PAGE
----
By Shawnta Barnes
My father, James; my mother, Lisa; my sisters Alice and Sherry and me, I was named Shawnta.
"Shawn-ta. Sha-want-ta. Shawn-na. Shawn-ni-ta."
"No, it's Shawn-tay."
My name became a barrier that prevented me from feeling accepted at school.
One day in middle school, my seventh grade social studies teacher asked me to stay after class. I was a shy student and this made me nervous.
"Shawnta, I wanted to let you know that your parents spelled your name incorrectly. You need another letter after the 'a' to make it have the long a sound. I am going to fix your name on my roster to make it easier for me to remember."
I nodded, took the late pass, and quickly hurried to my next class. I was used to my name being pronounced incorrectly, but I had never been told my parents misspelled my name. Why couldn't she accept the way my parents spelled my name?
From that point on, any work I turned in would be returned with a mark made above the second 'a' in my name. My name would appear, "Shawntá," and not "Shawnta." Every time my teacher forced her view of how she believed my name should be spelled, she severed any opportunity I had to feel welcomed in her class. Every slash above that 'a' was a slash to my value, to my worth.
My experience has influenced my work as an educator; I know that making students feel welcomed begins with learning their name. On the first day of school, during my second year in the classroom, I saw the name Mone'y on my roster. I did not have a clue how to pronounce it, so I spelled it aloud. A girl at the back of the class raised her hand and said, "I know my name is ghetto." I was bothered by her negative view of her name. I replied, "How do you pronounce your name?" She said, "Mo-nay." At that moment, I could have moved on the next name on my roster, but I did not. I told her, "Your name is beautiful," and her face lit up with a smile.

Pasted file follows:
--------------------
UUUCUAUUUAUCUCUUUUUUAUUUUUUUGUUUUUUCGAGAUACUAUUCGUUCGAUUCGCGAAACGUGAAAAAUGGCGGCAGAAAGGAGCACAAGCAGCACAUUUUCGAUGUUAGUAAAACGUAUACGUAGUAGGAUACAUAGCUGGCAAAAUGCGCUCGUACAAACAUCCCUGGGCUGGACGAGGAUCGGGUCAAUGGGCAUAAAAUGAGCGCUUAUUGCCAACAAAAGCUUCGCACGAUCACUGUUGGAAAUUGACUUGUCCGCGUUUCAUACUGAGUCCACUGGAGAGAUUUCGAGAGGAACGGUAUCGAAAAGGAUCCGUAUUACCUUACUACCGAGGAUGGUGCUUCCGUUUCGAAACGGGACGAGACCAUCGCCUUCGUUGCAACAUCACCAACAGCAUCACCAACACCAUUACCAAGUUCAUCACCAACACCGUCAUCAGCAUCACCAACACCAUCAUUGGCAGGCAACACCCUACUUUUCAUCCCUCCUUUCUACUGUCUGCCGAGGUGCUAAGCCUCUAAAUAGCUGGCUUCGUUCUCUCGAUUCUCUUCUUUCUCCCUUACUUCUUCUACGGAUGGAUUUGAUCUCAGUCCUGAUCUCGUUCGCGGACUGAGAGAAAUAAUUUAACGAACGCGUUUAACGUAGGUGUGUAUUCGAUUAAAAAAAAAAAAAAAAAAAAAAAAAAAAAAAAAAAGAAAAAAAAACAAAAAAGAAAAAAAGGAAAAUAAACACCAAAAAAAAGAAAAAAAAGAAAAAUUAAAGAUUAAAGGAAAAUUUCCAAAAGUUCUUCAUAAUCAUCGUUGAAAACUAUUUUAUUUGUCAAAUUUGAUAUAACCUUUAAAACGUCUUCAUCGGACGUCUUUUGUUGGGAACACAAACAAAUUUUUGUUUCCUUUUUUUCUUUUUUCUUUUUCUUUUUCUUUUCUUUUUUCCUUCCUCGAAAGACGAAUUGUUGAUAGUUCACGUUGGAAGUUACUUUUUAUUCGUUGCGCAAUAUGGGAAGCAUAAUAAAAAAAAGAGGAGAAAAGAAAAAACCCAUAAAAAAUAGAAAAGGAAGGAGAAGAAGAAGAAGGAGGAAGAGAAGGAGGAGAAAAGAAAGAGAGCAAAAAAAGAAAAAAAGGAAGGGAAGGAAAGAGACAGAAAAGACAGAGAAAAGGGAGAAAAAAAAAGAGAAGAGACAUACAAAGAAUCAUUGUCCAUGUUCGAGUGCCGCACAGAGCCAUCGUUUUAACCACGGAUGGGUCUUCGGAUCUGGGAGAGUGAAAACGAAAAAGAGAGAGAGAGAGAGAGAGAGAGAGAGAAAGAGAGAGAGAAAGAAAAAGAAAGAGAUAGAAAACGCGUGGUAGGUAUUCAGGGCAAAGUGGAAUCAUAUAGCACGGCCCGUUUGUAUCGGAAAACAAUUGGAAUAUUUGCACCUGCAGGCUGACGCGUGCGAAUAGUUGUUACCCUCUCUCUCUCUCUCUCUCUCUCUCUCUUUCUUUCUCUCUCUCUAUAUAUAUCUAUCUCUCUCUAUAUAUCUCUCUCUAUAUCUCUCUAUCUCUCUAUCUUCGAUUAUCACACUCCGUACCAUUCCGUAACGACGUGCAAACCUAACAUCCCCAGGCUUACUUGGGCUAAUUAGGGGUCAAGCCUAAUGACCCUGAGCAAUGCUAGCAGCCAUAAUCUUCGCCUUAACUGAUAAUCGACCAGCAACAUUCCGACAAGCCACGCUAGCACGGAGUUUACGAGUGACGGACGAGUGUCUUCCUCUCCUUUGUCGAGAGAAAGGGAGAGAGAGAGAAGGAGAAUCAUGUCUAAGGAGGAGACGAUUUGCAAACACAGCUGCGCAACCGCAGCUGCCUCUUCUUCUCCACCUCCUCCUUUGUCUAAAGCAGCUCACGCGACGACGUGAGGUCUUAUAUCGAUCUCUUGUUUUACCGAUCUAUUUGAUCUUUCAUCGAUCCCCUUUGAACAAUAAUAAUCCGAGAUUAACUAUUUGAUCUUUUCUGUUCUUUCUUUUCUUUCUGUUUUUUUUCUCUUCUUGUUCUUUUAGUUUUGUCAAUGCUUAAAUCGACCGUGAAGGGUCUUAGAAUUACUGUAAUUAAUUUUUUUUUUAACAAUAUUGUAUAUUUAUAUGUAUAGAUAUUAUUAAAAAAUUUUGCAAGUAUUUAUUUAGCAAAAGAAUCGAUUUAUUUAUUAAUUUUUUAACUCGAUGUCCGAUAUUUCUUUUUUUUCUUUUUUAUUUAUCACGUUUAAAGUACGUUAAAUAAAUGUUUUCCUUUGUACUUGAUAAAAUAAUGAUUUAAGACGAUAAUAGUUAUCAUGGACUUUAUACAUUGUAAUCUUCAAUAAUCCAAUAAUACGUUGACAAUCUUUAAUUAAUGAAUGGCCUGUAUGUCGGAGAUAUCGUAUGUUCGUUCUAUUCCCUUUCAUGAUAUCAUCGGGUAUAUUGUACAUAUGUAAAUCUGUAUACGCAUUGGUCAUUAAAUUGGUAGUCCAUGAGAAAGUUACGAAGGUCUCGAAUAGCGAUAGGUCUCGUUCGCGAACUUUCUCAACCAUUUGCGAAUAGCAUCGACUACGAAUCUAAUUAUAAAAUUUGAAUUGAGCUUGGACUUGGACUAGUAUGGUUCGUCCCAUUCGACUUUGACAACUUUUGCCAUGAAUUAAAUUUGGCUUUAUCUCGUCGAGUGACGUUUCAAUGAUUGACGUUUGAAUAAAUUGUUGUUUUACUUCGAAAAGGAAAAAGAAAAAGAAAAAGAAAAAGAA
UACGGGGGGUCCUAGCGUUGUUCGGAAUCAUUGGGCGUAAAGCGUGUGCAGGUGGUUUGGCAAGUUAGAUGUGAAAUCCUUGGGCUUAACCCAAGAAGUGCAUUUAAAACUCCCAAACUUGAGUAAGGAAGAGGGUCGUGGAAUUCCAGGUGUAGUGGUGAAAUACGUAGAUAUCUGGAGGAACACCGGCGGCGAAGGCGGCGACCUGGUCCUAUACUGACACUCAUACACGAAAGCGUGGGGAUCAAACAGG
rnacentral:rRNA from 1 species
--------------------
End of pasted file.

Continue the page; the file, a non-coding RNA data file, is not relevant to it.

My personal experience also made me an advocate for students to my colleagues. An English language learner I worked with always had her name shortened by other teachers. When I began working with her, instead of calling her, "Nora," I called her, "Norita." A couple weeks later, she ran up to me in the hallway, wrapped her arms around my waist and said, "Thank you for calling me Norita. That's my real name." Later that day, another teacher asked why Norita hugged me.
"She is so reserved. I've never seen her hug anyone."
"She was happy that I call her Norita. She doesn't like it when people shorten her name. We should not impose another name on her."
Learning a child's name should not be a burden to a teacher. When teachers told me my name was wrong, or changed the spelling, or smirked about it, it made me believe something was wrong with me and I needed to change - that I was not acceptable as part of the school community. It is not my place to question or comment about a student's name because it does not fit into my box of acceptable names. My role is to help all children find their place in society and discover who they want to become. This starts with knowing their name.
Shawnta S. Barnes is a literacy coach at Wendell Phillips Elementary in Indianapolis Public Schools and an adjunct instructor at Indiana University Purdue University Indianapolis School of Education. She is a 2016 Teach Plus Teaching Policy Fellow.